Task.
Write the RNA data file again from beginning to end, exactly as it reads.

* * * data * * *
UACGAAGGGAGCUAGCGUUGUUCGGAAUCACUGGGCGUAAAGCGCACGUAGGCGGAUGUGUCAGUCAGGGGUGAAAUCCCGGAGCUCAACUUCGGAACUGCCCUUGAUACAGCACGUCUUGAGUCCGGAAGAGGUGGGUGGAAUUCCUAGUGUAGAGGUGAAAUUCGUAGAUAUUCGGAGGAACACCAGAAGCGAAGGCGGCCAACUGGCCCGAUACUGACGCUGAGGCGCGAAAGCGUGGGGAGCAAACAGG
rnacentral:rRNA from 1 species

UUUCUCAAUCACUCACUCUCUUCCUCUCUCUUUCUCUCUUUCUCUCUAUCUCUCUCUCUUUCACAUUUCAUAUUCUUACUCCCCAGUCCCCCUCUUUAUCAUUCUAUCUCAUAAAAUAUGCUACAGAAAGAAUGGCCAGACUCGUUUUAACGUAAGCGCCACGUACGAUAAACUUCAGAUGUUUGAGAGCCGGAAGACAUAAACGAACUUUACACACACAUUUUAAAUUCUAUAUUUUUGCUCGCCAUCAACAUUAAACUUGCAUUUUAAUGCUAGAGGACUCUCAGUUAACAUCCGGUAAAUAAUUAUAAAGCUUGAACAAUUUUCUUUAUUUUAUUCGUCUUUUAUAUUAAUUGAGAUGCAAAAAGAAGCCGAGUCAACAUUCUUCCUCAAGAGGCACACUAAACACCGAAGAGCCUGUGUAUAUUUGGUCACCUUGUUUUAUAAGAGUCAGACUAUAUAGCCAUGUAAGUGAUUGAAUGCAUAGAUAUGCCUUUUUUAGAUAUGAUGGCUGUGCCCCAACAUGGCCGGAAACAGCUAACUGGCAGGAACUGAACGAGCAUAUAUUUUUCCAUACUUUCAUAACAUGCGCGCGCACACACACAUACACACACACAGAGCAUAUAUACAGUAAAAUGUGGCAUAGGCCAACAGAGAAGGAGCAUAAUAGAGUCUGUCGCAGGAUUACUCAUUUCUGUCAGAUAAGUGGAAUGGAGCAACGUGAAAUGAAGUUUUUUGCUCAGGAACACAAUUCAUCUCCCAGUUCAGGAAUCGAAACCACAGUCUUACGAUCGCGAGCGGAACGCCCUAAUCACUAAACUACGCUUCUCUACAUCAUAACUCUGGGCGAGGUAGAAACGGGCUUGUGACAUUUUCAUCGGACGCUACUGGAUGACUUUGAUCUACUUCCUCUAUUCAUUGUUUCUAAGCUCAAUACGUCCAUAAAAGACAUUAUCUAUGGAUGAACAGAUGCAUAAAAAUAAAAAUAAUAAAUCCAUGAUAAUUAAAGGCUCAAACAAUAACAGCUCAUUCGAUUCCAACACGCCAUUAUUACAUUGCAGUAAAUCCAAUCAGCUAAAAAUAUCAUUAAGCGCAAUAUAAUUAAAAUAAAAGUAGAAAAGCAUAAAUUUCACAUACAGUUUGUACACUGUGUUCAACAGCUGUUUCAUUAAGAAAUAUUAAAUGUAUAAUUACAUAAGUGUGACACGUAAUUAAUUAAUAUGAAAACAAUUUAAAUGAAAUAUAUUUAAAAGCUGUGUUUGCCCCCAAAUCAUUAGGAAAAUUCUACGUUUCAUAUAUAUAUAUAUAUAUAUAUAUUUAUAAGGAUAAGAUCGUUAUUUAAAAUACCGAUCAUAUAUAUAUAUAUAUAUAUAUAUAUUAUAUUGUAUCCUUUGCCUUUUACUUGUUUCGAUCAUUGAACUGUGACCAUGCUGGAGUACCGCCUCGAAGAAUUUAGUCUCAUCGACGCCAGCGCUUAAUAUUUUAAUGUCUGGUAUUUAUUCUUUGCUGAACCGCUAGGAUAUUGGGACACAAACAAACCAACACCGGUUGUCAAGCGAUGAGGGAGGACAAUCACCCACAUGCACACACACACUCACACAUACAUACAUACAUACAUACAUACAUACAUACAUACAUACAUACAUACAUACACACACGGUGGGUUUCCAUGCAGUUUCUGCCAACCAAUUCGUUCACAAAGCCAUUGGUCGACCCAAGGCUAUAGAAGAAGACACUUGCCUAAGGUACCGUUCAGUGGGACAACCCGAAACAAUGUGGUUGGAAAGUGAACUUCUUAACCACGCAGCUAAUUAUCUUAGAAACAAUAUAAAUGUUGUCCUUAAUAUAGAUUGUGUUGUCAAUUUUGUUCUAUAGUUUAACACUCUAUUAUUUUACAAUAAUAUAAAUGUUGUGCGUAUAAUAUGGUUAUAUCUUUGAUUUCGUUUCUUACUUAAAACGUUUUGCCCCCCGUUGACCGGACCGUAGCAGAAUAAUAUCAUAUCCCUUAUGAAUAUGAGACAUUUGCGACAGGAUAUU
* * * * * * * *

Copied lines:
UACGAAGGGAGCUAGCGUUGUUCGGAAUCACUGGGCGUAAAGCGCACGUAGGCGGAUGUGUCAGUCAGGGGUGAAAUCCCGGAGCUCAACUUCGGAACUGCCCUUGAUACAGCACGUCUUGAGUCCGGAAGAGGUGGGUGGAAUUCCUAGUGUAGAGGUGAAAUUCGUAGAUAUUCGGAGGAACACCAGAAGCGAAGGCGGCCAACUGGCCCGAUACUGACGCUGAGGCGCGAAAGCGUGGGGAGCAAACAGG
rnacentral:rRNA from 1 species

UUUCUCAAUCACUCACUCUCUUCCUCUCUCUUUCUCUCUUUCUCUCUAUCUCUCUCUCUUUCACAUUUCAUAUUCUUACUCCCCAGUCCCCCUCUUUAUCAUUCUAUCUCAUAAAAUAUGCUACAGAAAGAAUGGCCAGACUCGUUUUAACGUAAGCGCCACGUACGAUAAACUUCAGAUGUUUGAGAGCCGGAAGACAUAAACGAACUUUACACACACAUUUUAAAUUCUAUAUUUUUGCUCGCCAUCAACAUUAAACUUGCAUUUUAAUGCUAGAGGACUCUCAGUUAACAUCCGGUAAAUAAUUAUAAAGCUUGAACAAUUUUCUUUAUUUUAUUCGUCUUUUAUAUUAAUUGAGAUGCAAAAAGAAGCCGAGUCAACAUUCUUCCUCAAGAGGCACACUAAACACCGAAGAGCCUGUGUAUAUUUGGUCACCUUGUUUUAUAAGAGUCAGACUAUAUAGCCAUGUAAGUGAUUGAAUGCAUAGAUAUGCCUUUUUUAGAUAUGAUGGCUGUGCCCCAACAUGGCCGGAAACAGCUAACUGGCAGGAACUGAACGAGCAUAUAUUUUUCCAUACUUUCAUAACAUGCGCGCGCACACACACAUACACACACACAGAGCAUAUAUACAGUAAAAUGUGGCAUAGGCCAACAGAGAAGGAGCAUAAUAGAGUCUGUCGCAGGAUUACUCAUUUCUGUCAGAUAAGUGGAAUGGAGCAACGUGAAAUGAAGUUUUUUGCUCAGGAACACAAUUCAUCUCCCAGUUCAGGAAUCGAAACCACAGUCUUACGAUCGCGAGCGGAACGCCCUAAUCACUAAACUACGCUUCUCUACAUCAUAACUCUGGGCGAGGUAGAAACGGGCUUGUGACAUUUUCAUCGGACGCUACUGGAUGACUUUGAUCUACUUCCUCUAUUCAUUGUUUCUAAGCUCAAUACGUCCAUAAAAGACAUUAUCUAUGGAUGAACAGAUGCAUAAAAAUAAAAAUAAUAAAUCCAUGAUAAUUAAAGGCUCAAACAAUAACAGCUCAUUCGAUUCCAACACGCCAUUAUUACAUUGCAGUAAAUCCAAUCAGCUAAAAAUAUCAUUAAGCGCAAUAUAAUUAAAAUAAAAGUAGAAAAGCAUAAAUUUCACAUACAGUUUGUACACUGUGUUCAACAGCUGUUUCAUUAAGAAAUAUUAAAUGUAUAAUUACAUAAGUGUGACACGUAAUUAAUUAAUAUGAAAACAAUUUAAAUGAAAUAUAUUUAAAAGCUGUGUUUGCCCCCAAAUCAUUAGGAAAAUUCUACGUUUCAUAUAUAUAUAUAUAUAUAUAUAUUUAUAAGGAUAAGAUCGUUAUUUAAAAUACCGAUCAUAUAUAUAUAUAUAUAUAUAUAUAUUAUAUUGUAUCCUUUGCCUUUUACUUGUUUCGAUCAUUGAACUGUGACCAUGCUGGAGUACCGCCUCGAAGAAUUUAGUCUCAUCGACGCCAGCGCUUAAUAUUUUAAUGUCUGGUAUUUAUUCUUUGCUGAACCGCUAGGAUAUUGGGACACAAACAAACCAACACCGGUUGUCAAGCGAUGAGGGAGGACAAUCACCCACAUGCACACACACACUCACACAUACAUACAUACAUACAUACAUACAUACAUACAUACAUACAUACAUACAUACACACACGGUGGGUUUCCAUGCAGUUUCUGCCAACCAAUUCGUUCACAAAGCCAUUGGUCGACCCAAGGCUAUAGAAGAAGACACUUGCCUAAGGUACCGUUCAGUGGGACAACCCGAAACAAUGUGGUUGGAAAGUGAACUUCUUAACCACGCAGCUAAUUAUCUUAGAAACAAUAUAAAUGUUGUCCUUAAUAUAGAUUGUGUUGUCAAUUUUGUUCUAUAGUUUAACACUCUAUUAUUUUACAAUAAUAUAAAUGUUGUGCGUAUAAUAUGGUUAUAUCUUUGAUUUCGUUUCUUACUUAAAACGUUUUGCCCCCCGUUGACCGGACCGUAGCAGAAUAAUAUCAUAUCCCUUAUGAAUAUGAGACAUUUGCGACAGGAUAUU